If your life were in jeopardy, wouldn't you get a second opinion? Isn't your financial life important as well?
Last month in part one of this two-part series, we noted the staggering percentage of physicians who get substandard advice from their CPAs, attorneys and financial advisers.
We went on to explain the reasons for this fact and outline two common flaws in such relationships.
The first two flaws were how physicians choose their advisers and how physicians fail to understand "subspecialties" in tax, law and finance.
Flaw #3: Failing to get a second opinion
Of the four flaws we discuss, failing to get a second opinion is the most damaging - and, unfortunately, the most common. It is most damaging because, despite the other flaws, if a physician gets a second opinion beyond his or her traditional adviser(s), the chances of identifying planning mistakes or noticeable omissions from planning skyrockets. Most physicians have not changed advisers because they have an "if it ain't broke, don't fix it" mentality. Getting a second opinion is the only way to know if the planning is "broken"!
You encourage your patients to get a second opinion, yet your advisers discourage you from doing the same. This is the only way for you to adequately judge an adviser's performance. You are no more qualified to look at a trust document or tax return and see flaws than we are to examine a report on a chest CT and see a misdiagnosis!
With your entire financial future banking on the success of your professional advisers, it amazes us how few of you have paid another professional to review your existing adviser's work. If your life were in jeopardy, wouldn't you get a second opinion? Isn't your financial life important as well?
Consider this true story:
In 2000, my prior law firm was retained to perform a self-audit by a long-term client. The client, an extremely successful businessman, was concerned when one of his business colleagues was found liable for back taxes and penalties because of some mistakes by his accounting firm. Nervous that he also might become an IRS target, our client hired us to do an audit of his personal and various businesses' income tax returns for the prior five years. What we found was shocking.
Even though this client had used four different accounting firms for his various returns (including a well-known 500-plus person firm), the taxes he had paid were far from what he owed. Luckily for him, it was an overpayment - in the ballpark of $5 million.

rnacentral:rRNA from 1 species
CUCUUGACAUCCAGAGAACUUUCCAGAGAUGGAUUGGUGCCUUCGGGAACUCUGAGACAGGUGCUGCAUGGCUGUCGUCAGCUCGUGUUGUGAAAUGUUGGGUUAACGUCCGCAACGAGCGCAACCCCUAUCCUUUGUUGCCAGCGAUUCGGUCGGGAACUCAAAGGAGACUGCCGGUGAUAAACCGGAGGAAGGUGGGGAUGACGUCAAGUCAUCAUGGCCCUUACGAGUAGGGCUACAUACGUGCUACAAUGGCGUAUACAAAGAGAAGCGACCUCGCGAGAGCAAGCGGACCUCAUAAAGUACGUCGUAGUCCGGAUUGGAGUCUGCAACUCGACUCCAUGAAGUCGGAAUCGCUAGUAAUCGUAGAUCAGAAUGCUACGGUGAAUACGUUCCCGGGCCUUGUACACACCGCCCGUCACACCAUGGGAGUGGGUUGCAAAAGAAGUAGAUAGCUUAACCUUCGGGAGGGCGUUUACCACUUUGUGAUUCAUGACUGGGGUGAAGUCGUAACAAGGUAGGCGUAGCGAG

That is correct. Because of the self-imposed audit that our firm oversaw, the client filed for a seven-figure refund from the IRS and state tax agency.
Have you ever paid an outside adviser to review your attorney's work? Your CPA's work? Your investment adviser's work? If not, why not?
Flaw #4: Failing to insist on adviser coordination
Even if you have a team of highly experienced advisers in the fields of tax, law, insurance and investments working for you, your plan can still be in complete disarray. If the advisers are not collaborating to use their collective expertise to implement a comprehensive, multidisciplinary plan for your benefit, your planning will suffer significantly.
All too often, I see the symptoms of such a lack of coordination. Physicians who come to my office often paid a technically sound attorney to create a very comprehensive living trust ... but the family's assets have not yet been titled to the trust (perhaps making the document useless). I see life insurance policies and life insurance trusts, but the proper steps were not taken to combine the two (so the death benefit of the insurance may unnecessarily be taxed at rates of 50 percent).
I notice investment accounts that are managed like they are in a pension (with no regard for taxation) - and the end result is often 30 percent to 45 percent reduction in the gain of the investments. Conflicting advice from professionals in different areas or a lack of respect for what the other professionals do often leads to planning inertia or just plain bad planning.
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